Connell's attorney, Thomas S. Neuberger, said the suit was filed Friday in Delaware Superior Court.
At a morning news conference, Connell said, "Ammons has destroyed my reputation because of my conservative political and legal beliefs."
Connell, who is white, argues that Ammons, an African American, is angry because Connell used her in violent hypothetical scenarios during class lessons on criminal procedure.
She is accused of making defamatory statements that include attributing racist and sexist remarks to Connell, and at one time characterizing Connell as a threat to the physical safety of the campus community, according to the lawsuit.
Saying she had not seen Connell's suit, Ammons said in a statement Friday, "I have no intention of responding to his allegations in the news media."
In December, Connell, who has taught at the Wilmington school for 26 years, was placed on leave after several students accused him of "discrimination and/or harassment," according to a statement signed by Ammons.
Connell is accused of using hypothetical examples in which he "decided to shoot Dean Ammons and then blew her head off," according to allegations that students made to university officials and that are included in court documents.
Connell conceded that he used Ammons in hypothetical scenarios in which he was a perpetrator who attempted to shoot the dean, but he denied that she was shot in the examples. He called such techniques part of a teacher's academic freedom. "Law professors have sworn under oath in writing to Ammons that my teaching method of poking fun at administrators, black and white, during classroom examples . . . is well-accepted and used nationwide," he said Friday.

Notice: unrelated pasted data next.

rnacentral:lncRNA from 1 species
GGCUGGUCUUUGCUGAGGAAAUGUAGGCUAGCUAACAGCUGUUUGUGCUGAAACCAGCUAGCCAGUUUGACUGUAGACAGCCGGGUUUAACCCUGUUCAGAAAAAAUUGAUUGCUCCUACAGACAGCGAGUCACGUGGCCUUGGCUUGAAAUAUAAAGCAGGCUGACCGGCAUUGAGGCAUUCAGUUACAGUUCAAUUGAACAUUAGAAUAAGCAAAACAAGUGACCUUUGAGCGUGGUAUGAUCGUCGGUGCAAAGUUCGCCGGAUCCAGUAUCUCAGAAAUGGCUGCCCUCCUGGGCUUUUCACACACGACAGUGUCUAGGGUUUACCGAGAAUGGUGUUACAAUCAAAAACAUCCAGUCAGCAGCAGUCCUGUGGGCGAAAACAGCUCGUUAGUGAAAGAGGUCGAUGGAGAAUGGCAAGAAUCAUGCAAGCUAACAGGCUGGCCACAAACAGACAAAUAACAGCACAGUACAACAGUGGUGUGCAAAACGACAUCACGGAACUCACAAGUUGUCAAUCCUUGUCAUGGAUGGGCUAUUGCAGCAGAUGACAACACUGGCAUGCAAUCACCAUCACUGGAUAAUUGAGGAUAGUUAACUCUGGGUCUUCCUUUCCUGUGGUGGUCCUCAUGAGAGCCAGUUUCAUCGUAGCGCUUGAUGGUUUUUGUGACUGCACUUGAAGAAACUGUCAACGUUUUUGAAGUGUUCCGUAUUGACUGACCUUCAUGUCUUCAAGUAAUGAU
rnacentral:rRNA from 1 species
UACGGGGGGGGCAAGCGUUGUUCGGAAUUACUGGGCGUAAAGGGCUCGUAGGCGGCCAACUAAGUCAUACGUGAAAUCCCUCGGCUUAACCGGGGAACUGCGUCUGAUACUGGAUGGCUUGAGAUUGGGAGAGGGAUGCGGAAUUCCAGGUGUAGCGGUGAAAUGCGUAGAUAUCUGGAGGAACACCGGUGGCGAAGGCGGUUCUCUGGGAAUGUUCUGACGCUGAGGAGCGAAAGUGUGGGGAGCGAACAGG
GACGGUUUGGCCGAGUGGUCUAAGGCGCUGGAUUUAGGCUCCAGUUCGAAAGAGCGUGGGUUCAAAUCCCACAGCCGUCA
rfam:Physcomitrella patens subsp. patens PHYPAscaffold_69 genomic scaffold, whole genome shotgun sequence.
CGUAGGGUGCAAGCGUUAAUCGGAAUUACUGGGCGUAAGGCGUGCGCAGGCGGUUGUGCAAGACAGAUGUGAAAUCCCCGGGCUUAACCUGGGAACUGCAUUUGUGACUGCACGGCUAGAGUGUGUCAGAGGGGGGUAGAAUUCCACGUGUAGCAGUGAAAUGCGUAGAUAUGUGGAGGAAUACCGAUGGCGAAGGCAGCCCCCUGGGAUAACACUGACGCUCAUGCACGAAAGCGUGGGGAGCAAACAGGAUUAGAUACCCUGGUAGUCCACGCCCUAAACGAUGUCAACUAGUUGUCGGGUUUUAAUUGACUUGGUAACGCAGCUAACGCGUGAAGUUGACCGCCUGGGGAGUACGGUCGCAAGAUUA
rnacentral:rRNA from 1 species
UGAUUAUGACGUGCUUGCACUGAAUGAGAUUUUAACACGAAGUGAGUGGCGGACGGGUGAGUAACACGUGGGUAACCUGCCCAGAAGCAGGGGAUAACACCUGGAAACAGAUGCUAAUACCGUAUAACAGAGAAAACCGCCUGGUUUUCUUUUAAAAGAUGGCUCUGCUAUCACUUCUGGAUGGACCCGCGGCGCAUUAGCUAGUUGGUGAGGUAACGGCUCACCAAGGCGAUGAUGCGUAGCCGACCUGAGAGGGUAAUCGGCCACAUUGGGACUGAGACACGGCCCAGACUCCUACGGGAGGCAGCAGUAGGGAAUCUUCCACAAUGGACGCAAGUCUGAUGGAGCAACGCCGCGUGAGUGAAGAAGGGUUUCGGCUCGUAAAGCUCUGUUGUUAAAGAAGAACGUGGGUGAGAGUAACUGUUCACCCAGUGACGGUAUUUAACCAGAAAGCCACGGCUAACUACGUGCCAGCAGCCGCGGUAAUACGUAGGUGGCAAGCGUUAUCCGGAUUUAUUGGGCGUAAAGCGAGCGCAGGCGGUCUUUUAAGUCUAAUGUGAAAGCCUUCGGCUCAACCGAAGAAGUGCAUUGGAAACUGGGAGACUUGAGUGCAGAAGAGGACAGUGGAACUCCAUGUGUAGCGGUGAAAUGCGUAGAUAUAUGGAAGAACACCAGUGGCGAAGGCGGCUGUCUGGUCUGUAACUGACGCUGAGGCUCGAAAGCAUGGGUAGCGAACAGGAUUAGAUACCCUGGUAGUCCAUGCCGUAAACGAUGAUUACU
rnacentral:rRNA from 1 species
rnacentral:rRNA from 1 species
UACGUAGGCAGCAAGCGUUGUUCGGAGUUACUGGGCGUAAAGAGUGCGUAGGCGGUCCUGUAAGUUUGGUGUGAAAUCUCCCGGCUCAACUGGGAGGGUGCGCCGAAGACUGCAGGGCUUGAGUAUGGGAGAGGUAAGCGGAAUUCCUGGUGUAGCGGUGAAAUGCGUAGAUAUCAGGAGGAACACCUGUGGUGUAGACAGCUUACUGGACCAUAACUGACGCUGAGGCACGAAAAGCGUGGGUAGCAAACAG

Using "quirky hypotheticals," such as the one involving Ammons, "captures students' attention," he said, adding, "Class material can be depressing. It is a way to lighten the atmosphere and help them remember the principles being taught."
In another aspect of the case, students reported that Connell referred to African Americans as "black folk," used excessive profanity, and said, "All criminals are poor, and all poor are black folk."
Connell conceded that he used the term black folk, according to court documents, but denied the other accusations. He also said at the morning news conference he had "no other choice but to sue Ammons" so he could maintain his job, whose health benefits helped cover expenses for a severely disabled 23-year-old daughter in a full-time-care facility.
Later Friday, Connell's attorney issued a short statement about the daughter: "It is my sad duty to report that Molly passed away this afternoon."
University officials say that Connell refused to participate in the college's initial informal investigation of the allegations and that they sought to fire him because his refusal violated his contract, according to university documents included in the lawsuit. Connell declined to participate without an attorney to represent him, the documents say. School regulations say faculty members are entitled to counsel after the procedures reach formal stages.
Last month, a faculty panel recommended that the school withdraw its effort to fire Connell for failing to participate in its hearing. Ammons responded by putting the proceedings on hold. In the meantime, the university will launch another investigation in response to complaints about Connell filed by students.
Contact staff writer Kristin E. Holmes at 610-313-8211